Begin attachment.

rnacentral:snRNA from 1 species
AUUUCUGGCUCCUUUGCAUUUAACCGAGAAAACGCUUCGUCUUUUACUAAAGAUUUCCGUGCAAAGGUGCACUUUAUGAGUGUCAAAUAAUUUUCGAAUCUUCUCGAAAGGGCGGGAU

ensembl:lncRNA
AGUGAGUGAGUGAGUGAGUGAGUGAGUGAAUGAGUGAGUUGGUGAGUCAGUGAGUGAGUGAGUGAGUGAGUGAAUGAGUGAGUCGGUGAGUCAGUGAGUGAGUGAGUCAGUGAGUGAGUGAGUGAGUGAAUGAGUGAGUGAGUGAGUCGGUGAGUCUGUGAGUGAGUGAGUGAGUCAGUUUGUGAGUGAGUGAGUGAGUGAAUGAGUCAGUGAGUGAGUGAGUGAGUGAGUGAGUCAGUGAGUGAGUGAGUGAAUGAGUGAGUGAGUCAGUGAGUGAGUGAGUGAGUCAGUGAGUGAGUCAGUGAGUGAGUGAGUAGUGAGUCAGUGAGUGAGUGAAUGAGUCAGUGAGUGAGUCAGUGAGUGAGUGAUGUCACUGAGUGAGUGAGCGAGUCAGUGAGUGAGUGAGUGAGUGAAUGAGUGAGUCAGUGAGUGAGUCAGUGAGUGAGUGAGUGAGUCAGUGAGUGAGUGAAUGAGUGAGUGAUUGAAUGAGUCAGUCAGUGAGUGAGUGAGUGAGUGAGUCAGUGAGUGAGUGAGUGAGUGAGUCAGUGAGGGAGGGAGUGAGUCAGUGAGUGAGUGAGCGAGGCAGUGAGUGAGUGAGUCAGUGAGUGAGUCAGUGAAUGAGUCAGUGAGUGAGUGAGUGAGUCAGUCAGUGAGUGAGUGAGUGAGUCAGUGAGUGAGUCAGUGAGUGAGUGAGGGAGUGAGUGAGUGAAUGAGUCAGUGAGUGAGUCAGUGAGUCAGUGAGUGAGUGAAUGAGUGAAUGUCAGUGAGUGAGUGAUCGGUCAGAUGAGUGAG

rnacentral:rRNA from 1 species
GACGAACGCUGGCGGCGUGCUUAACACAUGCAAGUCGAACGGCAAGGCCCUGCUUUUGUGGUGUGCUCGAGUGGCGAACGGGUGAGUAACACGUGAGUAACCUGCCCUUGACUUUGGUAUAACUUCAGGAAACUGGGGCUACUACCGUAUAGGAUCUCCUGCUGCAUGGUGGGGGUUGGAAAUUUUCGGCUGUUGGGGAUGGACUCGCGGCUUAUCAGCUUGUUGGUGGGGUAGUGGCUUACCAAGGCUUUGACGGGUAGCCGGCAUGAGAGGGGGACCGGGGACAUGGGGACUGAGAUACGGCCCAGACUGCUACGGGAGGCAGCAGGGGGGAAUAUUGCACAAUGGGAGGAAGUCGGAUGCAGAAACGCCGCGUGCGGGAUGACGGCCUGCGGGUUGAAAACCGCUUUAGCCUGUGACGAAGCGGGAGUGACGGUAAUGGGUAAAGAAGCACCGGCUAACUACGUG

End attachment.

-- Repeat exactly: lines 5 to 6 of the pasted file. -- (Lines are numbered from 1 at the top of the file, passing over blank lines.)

rnacentral:rRNA from 1 species
GACGAACGCUGGCGGCGUGCUUAACACAUGCAAGUCGAACGGCAAGGCCCUGCUUUUGUGGUGUGCUCGAGUGGCGAACGGGUGAGUAACACGUGAGUAACCUGCCCUUGACUUUGGUAUAACUUCAGGAAACUGGGGCUACUACCGUAUAGGAUCUCCUGCUGCAUGGUGGGGGUUGGAAAUUUUCGGCUGUUGGGGAUGGACUCGCGGCUUAUCAGCUUGUUGGUGGGGUAGUGGCUUACCAAGGCUUUGACGGGUAGCCGGCAUGAGAGGGGGACCGGGGACAUGGGGACUGAGAUACGGCCCAGACUGCUACGGGAGGCAGCAGGGGGGAAUAUUGCACAAUGGGAGGAAGUCGGAUGCAGAAACGCCGCGUGCGGGAUGACGGCCUGCGGGUUGAAAACCGCUUUAGCCUGUGACGAAGCGGGAGUGACGGUAAUGGGUAAAGAAGCACCGGCUAACUACGUG